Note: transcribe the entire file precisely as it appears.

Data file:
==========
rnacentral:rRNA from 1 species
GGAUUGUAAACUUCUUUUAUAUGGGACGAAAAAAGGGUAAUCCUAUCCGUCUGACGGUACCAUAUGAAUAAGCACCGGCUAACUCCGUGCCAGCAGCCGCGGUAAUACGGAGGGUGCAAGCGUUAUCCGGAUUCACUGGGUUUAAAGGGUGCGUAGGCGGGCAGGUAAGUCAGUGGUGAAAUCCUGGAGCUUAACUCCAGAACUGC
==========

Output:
rnacentral:rRNA from 1 species
GGAUUGUAAACUUCUUUUAUAUGGGACGAAAAAAGGGUAAUCCUAUCCGUCUGACGGUACCAUAUGAAUAAGCACCGGCUAACUCCGUGCCAGCAGCCGCGGUAAUACGGAGGGUGCAAGCGUUAUCCGGAUUCACUGGGUUUAAAGGGUGCGUAGGCGGGCAGGUAAGUCAGUGGUGAAAUCCUGGAGCUUAACUCCAGAACUGC